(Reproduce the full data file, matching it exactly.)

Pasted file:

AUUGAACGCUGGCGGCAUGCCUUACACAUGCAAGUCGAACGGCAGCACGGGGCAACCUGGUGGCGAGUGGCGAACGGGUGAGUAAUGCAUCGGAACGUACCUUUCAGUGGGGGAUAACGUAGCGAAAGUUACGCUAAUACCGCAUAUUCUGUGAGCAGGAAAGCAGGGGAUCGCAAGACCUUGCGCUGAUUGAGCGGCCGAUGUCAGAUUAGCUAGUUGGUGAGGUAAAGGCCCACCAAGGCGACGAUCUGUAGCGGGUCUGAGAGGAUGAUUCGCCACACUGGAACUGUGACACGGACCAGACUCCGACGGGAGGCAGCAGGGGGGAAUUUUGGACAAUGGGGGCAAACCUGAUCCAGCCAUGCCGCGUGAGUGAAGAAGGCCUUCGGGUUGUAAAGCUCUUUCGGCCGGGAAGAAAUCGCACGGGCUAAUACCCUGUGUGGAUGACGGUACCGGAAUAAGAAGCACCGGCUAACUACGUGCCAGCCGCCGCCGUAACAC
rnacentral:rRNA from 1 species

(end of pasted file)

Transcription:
AUUGAACGCUGGCGGCAUGCCUUACACAUGCAAGUCGAACGGCAGCACGGGGCAACCUGGUGGCGAGUGGCGAACGGGUGAGUAAUGCAUCGGAACGUACCUUUCAGUGGGGGAUAACGUAGCGAAAGUUACGCUAAUACCGCAUAUUCUGUGAGCAGGAAAGCAGGGGAUCGCAAGACCUUGCGCUGAUUGAGCGGCCGAUGUCAGAUUAGCUAGUUGGUGAGGUAAAGGCCCACCAAGGCGACGAUCUGUAGCGGGUCUGAGAGGAUGAUUCGCCACACUGGAACUGUGACACGGACCAGACUCCGACGGGAGGCAGCAGGGGGGAAUUUUGGACAAUGGGGGCAAACCUGAUCCAGCCAUGCCGCGUGAGUGAAGAAGGCCUUCGGGUUGUAAAGCUCUUUCGGCCGGGAAGAAAUCGCACGGGCUAAUACCCUGUGUGGAUGACGGUACCGGAAUAAGAAGCACCGGCUAACUACGUGCCAGCCGCCGCCGUAACAC
rnacentral:rRNA from 1 species